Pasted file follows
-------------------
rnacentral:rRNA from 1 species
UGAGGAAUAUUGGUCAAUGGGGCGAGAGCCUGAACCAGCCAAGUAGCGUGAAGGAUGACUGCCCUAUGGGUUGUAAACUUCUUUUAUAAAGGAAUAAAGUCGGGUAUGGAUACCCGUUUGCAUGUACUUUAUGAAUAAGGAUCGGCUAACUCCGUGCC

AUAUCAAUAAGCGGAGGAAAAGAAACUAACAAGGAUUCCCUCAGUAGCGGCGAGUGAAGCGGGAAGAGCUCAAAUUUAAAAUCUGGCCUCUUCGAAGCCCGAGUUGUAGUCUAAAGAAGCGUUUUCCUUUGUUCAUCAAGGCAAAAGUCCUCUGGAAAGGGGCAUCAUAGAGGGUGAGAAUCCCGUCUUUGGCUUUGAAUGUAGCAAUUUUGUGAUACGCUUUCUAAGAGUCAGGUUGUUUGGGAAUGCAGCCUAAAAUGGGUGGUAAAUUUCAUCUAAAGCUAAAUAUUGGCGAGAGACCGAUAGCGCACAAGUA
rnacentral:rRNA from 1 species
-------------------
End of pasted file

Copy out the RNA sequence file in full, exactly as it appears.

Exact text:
rnacentral:rRNA from 1 species
UGAGGAAUAUUGGUCAAUGGGGCGAGAGCCUGAACCAGCCAAGUAGCGUGAAGGAUGACUGCCCUAUGGGUUGUAAACUUCUUUUAUAAAGGAAUAAAGUCGGGUAUGGAUACCCGUUUGCAUGUACUUUAUGAAUAAGGAUCGGCUAACUCCGUGCC

AUAUCAAUAAGCGGAGGAAAAGAAACUAACAAGGAUUCCCUCAGUAGCGGCGAGUGAAGCGGGAAGAGCUCAAAUUUAAAAUCUGGCCUCUUCGAAGCCCGAGUUGUAGUCUAAAGAAGCGUUUUCCUUUGUUCAUCAAGGCAAAAGUCCUCUGGAAAGGGGCAUCAUAGAGGGUGAGAAUCCCGUCUUUGGCUUUGAAUGUAGCAAUUUUGUGAUACGCUUUCUAAGAGUCAGGUUGUUUGGGAAUGCAGCCUAAAAUGGGUGGUAAAUUUCAUCUAAAGCUAAAUAUUGGCGAGAGACCGAUAGCGCACAAGUA
rnacentral:rRNA from 1 species